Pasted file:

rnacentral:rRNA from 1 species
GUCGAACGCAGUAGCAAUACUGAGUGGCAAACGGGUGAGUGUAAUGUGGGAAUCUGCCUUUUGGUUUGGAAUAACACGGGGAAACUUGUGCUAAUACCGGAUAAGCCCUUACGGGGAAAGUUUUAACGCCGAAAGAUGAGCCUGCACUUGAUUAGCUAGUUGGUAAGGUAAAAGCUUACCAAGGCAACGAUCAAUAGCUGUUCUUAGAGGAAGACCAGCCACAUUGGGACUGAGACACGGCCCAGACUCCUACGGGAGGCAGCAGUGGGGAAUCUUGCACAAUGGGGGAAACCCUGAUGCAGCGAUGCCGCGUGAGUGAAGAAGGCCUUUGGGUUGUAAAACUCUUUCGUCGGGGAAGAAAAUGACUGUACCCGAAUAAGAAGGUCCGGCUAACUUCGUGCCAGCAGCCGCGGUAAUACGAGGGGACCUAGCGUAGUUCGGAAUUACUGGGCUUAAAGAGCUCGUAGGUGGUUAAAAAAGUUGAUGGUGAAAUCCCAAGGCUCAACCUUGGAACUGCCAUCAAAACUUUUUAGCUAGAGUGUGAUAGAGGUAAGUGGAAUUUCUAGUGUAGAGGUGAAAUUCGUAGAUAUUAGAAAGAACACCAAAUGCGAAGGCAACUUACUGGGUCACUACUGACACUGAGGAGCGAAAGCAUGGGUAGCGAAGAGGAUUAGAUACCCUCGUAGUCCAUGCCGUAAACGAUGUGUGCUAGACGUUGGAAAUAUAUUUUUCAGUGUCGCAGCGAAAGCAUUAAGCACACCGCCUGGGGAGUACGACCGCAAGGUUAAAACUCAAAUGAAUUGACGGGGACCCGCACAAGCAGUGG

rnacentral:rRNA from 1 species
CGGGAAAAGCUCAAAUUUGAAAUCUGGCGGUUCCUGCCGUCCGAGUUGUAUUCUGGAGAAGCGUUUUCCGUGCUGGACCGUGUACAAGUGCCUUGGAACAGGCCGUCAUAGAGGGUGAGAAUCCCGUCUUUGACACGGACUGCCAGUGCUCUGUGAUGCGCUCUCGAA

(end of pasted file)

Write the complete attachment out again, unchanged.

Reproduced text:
rnacentral:rRNA from 1 species
GUCGAACGCAGUAGCAAUACUGAGUGGCAAACGGGUGAGUGUAAUGUGGGAAUCUGCCUUUUGGUUUGGAAUAACACGGGGAAACUUGUGCUAAUACCGGAUAAGCCCUUACGGGGAAAGUUUUAACGCCGAAAGAUGAGCCUGCACUUGAUUAGCUAGUUGGUAAGGUAAAAGCUUACCAAGGCAACGAUCAAUAGCUGUUCUUAGAGGAAGACCAGCCACAUUGGGACUGAGACACGGCCCAGACUCCUACGGGAGGCAGCAGUGGGGAAUCUUGCACAAUGGGGGAAACCCUGAUGCAGCGAUGCCGCGUGAGUGAAGAAGGCCUUUGGGUUGUAAAACUCUUUCGUCGGGGAAGAAAAUGACUGUACCCGAAUAAGAAGGUCCGGCUAACUUCGUGCCAGCAGCCGCGGUAAUACGAGGGGACCUAGCGUAGUUCGGAAUUACUGGGCUUAAAGAGCUCGUAGGUGGUUAAAAAAGUUGAUGGUGAAAUCCCAAGGCUCAACCUUGGAACUGCCAUCAAAACUUUUUAGCUAGAGUGUGAUAGAGGUAAGUGGAAUUUCUAGUGUAGAGGUGAAAUUCGUAGAUAUUAGAAAGAACACCAAAUGCGAAGGCAACUUACUGGGUCACUACUGACACUGAGGAGCGAAAGCAUGGGUAGCGAAGAGGAUUAGAUACCCUCGUAGUCCAUGCCGUAAACGAUGUGUGCUAGACGUUGGAAAUAUAUUUUUCAGUGUCGCAGCGAAAGCAUUAAGCACACCGCCUGGGGAGUACGACCGCAAGGUUAAAACUCAAAUGAAUUGACGGGGACCCGCACAAGCAGUGG

rnacentral:rRNA from 1 species
CGGGAAAAGCUCAAAUUUGAAAUCUGGCGGUUCCUGCCGUCCGAGUUGUAUUCUGGAGAAGCGUUUUCCGUGCUGGACCGUGUACAAGUGCCUUGGAACAGGCCGUCAUAGAGGGUGAGAAUCCCGUCUUUGACACGGACUGCCAGUGCUCUGUGAUGCGCUCUCGAA